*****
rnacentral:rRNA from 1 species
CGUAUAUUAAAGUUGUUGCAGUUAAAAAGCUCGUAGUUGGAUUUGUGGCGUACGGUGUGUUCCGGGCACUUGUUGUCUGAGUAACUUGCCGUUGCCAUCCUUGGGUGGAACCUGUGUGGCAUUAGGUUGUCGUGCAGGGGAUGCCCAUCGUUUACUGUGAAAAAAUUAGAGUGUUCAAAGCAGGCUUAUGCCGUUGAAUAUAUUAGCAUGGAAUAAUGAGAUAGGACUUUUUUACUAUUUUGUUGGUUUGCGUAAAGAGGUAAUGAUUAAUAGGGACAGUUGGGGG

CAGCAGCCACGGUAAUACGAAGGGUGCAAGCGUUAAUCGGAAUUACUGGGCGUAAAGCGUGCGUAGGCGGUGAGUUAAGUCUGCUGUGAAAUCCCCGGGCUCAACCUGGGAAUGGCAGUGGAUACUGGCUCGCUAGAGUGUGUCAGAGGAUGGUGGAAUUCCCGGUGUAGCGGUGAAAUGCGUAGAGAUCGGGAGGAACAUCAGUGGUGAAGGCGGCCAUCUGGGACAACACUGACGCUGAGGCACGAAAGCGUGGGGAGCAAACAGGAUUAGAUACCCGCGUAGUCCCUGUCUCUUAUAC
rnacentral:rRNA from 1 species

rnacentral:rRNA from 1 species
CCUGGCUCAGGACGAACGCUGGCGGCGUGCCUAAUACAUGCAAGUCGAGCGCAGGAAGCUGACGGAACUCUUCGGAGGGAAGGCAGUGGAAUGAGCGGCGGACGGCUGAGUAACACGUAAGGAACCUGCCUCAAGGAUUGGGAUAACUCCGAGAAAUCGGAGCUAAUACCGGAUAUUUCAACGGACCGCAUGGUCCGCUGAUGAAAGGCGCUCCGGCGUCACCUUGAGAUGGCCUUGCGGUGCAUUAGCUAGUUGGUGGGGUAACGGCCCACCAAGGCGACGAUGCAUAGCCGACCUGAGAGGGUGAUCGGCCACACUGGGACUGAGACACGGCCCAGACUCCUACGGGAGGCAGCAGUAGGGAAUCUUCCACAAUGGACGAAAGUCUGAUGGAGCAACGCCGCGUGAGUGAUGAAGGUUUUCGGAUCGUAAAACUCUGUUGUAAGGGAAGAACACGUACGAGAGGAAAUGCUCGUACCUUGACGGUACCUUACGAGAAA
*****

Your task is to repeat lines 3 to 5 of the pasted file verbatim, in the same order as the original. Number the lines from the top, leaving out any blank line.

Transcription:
CAGCAGCCACGGUAAUACGAAGGGUGCAAGCGUUAAUCGGAAUUACUGGGCGUAAAGCGUGCGUAGGCGGUGAGUUAAGUCUGCUGUGAAAUCCCCGGGCUCAACCUGGGAAUGGCAGUGGAUACUGGCUCGCUAGAGUGUGUCAGAGGAUGGUGGAAUUCCCGGUGUAGCGGUGAAAUGCGUAGAGAUCGGGAGGAACAUCAGUGGUGAAGGCGGCCAUCUGGGACAACACUGACGCUGAGGCACGAAAGCGUGGGGAGCAAACAGGAUUAGAUACCCGCGUAGUCCCUGUCUCUUAUAC
rnacentral:rRNA from 1 species

rnacentral:rRNA from 1 species